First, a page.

Processors and FPGAs go together like chocolate and peanut butter, but it took a few years to get the recipe just right. Early turn-of-the-millennium attempts included the Xilinx Virtex II Pro with an on-chip PowerPC processor core and Altera’s Excalibur device with an ARM922T processor core. These early products are considered market failures. Actually, Kevin Morris called the Altera Excalibur “a monumental flop” in his article titled “Shaking Up Embedded Processing.” Why? Because you can’t just plop an unconnected microprocessor core into the middle of an FPGA array and call it a finished product. There’s simply no added value there. Few designers want to waste time designing some sort of bog standard processing subsystem around a naked processor core, and no one wants to use precious, programmable LUTs to implement that processor subsystem once it’s designed.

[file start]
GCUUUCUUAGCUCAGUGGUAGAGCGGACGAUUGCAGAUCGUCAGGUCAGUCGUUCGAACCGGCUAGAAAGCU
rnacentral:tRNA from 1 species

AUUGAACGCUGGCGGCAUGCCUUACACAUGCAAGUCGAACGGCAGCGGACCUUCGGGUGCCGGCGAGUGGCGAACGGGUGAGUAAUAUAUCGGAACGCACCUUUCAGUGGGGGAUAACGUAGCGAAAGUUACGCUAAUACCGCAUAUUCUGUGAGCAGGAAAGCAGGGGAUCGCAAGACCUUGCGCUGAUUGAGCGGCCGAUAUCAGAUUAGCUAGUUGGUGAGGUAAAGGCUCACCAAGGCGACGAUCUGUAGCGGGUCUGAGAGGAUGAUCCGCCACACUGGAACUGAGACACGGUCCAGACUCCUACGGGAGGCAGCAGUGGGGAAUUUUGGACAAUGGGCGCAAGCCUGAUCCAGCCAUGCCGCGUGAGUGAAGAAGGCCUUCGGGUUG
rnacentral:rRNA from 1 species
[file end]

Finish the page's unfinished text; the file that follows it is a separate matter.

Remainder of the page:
The current trend of merging processor cores with hardened microprocessor subsystems together with FPGAs on one chip started early in 2010. Xilinx first revealed the Zynq “EPP” (Extensible Processing Platform) architecture during a short presentation at the Real Time & Embedded Computing Conference (RTECC) held in Santa Clara, California on January 26, 2010.
Earlier this month, at the first RISC-V Summit (aka “open-source processor love fest”), Microsemi announced a significant upgrade to the SmartFusion device concept by announcing its PolarFire SoC FPGA architecture. (No actual parts yet announced.)
To read more, please visit: https://www.eejournal.com/article/microsemi-joins-risc-v-love-fest-with-soc-fpga/.